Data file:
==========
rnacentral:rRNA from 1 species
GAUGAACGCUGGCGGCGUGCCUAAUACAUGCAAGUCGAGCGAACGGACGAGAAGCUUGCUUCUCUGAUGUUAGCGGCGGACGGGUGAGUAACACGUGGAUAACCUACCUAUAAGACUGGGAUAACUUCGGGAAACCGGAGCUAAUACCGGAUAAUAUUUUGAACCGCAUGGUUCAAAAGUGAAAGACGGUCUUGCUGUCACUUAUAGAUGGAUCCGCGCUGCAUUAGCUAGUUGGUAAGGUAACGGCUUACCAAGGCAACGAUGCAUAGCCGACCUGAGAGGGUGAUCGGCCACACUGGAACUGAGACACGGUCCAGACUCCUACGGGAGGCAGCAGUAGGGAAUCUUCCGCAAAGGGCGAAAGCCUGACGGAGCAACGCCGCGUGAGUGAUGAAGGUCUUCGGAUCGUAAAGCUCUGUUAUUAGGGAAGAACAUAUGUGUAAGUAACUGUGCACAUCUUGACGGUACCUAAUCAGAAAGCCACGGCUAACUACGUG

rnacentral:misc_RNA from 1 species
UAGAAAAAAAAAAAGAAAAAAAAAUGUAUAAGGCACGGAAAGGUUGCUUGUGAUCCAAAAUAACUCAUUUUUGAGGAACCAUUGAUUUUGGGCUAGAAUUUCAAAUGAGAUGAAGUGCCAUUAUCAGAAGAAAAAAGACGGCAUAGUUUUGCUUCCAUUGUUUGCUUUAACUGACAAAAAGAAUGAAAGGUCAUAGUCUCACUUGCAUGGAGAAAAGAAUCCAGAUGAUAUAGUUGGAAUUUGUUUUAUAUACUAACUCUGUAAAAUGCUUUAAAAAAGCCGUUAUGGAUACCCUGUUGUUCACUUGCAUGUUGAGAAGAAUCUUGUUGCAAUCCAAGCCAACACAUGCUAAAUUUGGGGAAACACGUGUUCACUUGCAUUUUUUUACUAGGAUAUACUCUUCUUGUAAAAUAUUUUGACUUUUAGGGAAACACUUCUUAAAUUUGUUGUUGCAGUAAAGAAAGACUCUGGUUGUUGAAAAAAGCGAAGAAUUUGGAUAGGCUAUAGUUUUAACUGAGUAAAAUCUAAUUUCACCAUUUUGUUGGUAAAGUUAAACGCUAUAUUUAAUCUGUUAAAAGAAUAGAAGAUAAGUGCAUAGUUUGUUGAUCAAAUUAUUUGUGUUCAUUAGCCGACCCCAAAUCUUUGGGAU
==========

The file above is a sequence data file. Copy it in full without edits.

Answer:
rnacentral:rRNA from 1 species
GAUGAACGCUGGCGGCGUGCCUAAUACAUGCAAGUCGAGCGAACGGACGAGAAGCUUGCUUCUCUGAUGUUAGCGGCGGACGGGUGAGUAACACGUGGAUAACCUACCUAUAAGACUGGGAUAACUUCGGGAAACCGGAGCUAAUACCGGAUAAUAUUUUGAACCGCAUGGUUCAAAAGUGAAAGACGGUCUUGCUGUCACUUAUAGAUGGAUCCGCGCUGCAUUAGCUAGUUGGUAAGGUAACGGCUUACCAAGGCAACGAUGCAUAGCCGACCUGAGAGGGUGAUCGGCCACACUGGAACUGAGACACGGUCCAGACUCCUACGGGAGGCAGCAGUAGGGAAUCUUCCGCAAAGGGCGAAAGCCUGACGGAGCAACGCCGCGUGAGUGAUGAAGGUCUUCGGAUCGUAAAGCUCUGUUAUUAGGGAAGAACAUAUGUGUAAGUAACUGUGCACAUCUUGACGGUACCUAAUCAGAAAGCCACGGCUAACUACGUG

rnacentral:misc_RNA from 1 species
UAGAAAAAAAAAAAGAAAAAAAAAUGUAUAAGGCACGGAAAGGUUGCUUGUGAUCCAAAAUAACUCAUUUUUGAGGAACCAUUGAUUUUGGGCUAGAAUUUCAAAUGAGAUGAAGUGCCAUUAUCAGAAGAAAAAAGACGGCAUAGUUUUGCUUCCAUUGUUUGCUUUAACUGACAAAAAGAAUGAAAGGUCAUAGUCUCACUUGCAUGGAGAAAAGAAUCCAGAUGAUAUAGUUGGAAUUUGUUUUAUAUACUAACUCUGUAAAAUGCUUUAAAAAAGCCGUUAUGGAUACCCUGUUGUUCACUUGCAUGUUGAGAAGAAUCUUGUUGCAAUCCAAGCCAACACAUGCUAAAUUUGGGGAAACACGUGUUCACUUGCAUUUUUUUACUAGGAUAUACUCUUCUUGUAAAAUAUUUUGACUUUUAGGGAAACACUUCUUAAAUUUGUUGUUGCAGUAAAGAAAGACUCUGGUUGUUGAAAAAAGCGAAGAAUUUGGAUAGGCUAUAGUUUUAACUGAGUAAAAUCUAAUUUCACCAUUUUGUUGGUAAAGUUAAACGCUAUAUUUAAUCUGUUAAAAGAAUAGAAGAUAAGUGCAUAGUUUGUUGAUCAAAUUAUUUGUGUUCAUUAGCCGACCCCAAAUCUUUGGGAU